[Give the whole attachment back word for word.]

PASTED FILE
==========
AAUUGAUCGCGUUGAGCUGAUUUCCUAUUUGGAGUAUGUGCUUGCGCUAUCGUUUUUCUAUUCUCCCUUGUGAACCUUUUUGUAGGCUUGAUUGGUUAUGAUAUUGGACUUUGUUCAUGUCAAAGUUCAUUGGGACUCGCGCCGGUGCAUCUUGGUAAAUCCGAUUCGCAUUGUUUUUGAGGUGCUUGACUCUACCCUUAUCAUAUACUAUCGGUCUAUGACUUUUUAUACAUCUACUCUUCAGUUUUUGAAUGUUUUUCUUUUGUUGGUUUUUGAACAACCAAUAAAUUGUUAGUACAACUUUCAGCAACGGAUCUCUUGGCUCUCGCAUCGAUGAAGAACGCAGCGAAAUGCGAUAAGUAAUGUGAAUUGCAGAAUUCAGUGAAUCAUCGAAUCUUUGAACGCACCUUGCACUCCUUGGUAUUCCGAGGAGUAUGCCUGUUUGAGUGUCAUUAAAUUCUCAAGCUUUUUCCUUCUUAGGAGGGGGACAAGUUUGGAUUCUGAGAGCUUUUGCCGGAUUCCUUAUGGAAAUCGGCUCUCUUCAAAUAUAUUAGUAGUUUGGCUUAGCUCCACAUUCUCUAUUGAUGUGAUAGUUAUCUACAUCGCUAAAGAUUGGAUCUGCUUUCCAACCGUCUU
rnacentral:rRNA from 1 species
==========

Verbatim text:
AAUUGAUCGCGUUGAGCUGAUUUCCUAUUUGGAGUAUGUGCUUGCGCUAUCGUUUUUCUAUUCUCCCUUGUGAACCUUUUUGUAGGCUUGAUUGGUUAUGAUAUUGGACUUUGUUCAUGUCAAAGUUCAUUGGGACUCGCGCCGGUGCAUCUUGGUAAAUCCGAUUCGCAUUGUUUUUGAGGUGCUUGACUCUACCCUUAUCAUAUACUAUCGGUCUAUGACUUUUUAUACAUCUACUCUUCAGUUUUUGAAUGUUUUUCUUUUGUUGGUUUUUGAACAACCAAUAAAUUGUUAGUACAACUUUCAGCAACGGAUCUCUUGGCUCUCGCAUCGAUGAAGAACGCAGCGAAAUGCGAUAAGUAAUGUGAAUUGCAGAAUUCAGUGAAUCAUCGAAUCUUUGAACGCACCUUGCACUCCUUGGUAUUCCGAGGAGUAUGCCUGUUUGAGUGUCAUUAAAUUCUCAAGCUUUUUCCUUCUUAGGAGGGGGACAAGUUUGGAUUCUGAGAGCUUUUGCCGGAUUCCUUAUGGAAAUCGGCUCUCUUCAAAUAUAUUAGUAGUUUGGCUUAGCUCCACAUUCUCUAUUGAUGUGAUAGUUAUCUACAUCGCUAAAGAUUGGAUCUGCUUUCCAACCGUCUU
rnacentral:rRNA from 1 species